In other news concerning hobbits, the two films have their official names: "The Hobbit: An Unexpected Journey" (hitting theaters 12.14.12) and, as Biblo himself would approve, "The Hobbit: There and Back Again" (arriving 12.13.13). I love these subtitles and I love that we are bound to get 5 hours of screen-time for Jackson and team to tell my favorite tale! Confirmed by The Hollywood Reported.
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OR THE COOL
Over the weekend, China opened an $690 million animation facility in Tianjin (a port city near Beijing). The Hollywood Reporter's Jonathan Landreth reports, appropriately including "Kung Fu Panda 2" into the story. Hopefully in the coming years we will start seeing some animated films that are "made in China." As the article goes on to tell, Tianjin Film School recently announced "Legend of the Rabbit" (seen above), a feature-length 3D animation to take on the like of "Kung Fu Panda 2." Curiously enough, it is also involves a panda and kung fu. Methinks this is more than a coincidence...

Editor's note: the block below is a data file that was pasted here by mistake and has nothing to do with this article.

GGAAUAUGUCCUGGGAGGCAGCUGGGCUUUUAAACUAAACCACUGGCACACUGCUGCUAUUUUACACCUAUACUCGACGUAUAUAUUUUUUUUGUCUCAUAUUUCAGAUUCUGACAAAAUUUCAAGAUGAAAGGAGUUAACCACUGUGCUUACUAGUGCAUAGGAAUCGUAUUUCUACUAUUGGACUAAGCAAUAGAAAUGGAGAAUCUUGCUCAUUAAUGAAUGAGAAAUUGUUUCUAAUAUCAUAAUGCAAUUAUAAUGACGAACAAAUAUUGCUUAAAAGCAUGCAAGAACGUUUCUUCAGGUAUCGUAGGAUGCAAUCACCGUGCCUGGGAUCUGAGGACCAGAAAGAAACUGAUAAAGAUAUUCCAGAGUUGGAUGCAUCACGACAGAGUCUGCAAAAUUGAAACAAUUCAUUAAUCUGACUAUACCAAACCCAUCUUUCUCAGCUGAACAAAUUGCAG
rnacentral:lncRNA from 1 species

Peter Jackson is not the only cinemator (yes, I just founded that word - "one who contributes to cinema") to be taking advantage of Facebook. Vin Diesel (who can currently be seen on the big screen in "Fast Five") has over 25 million fans and recently announced an upcoming "Riddick" film on his page. Apparently, he and David Twohy are working on an "R-rated" installment. Knowing this would mean less money, Diesel said, "Money is always second to art." JoBlo talks more.
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Updated on 6/1/2011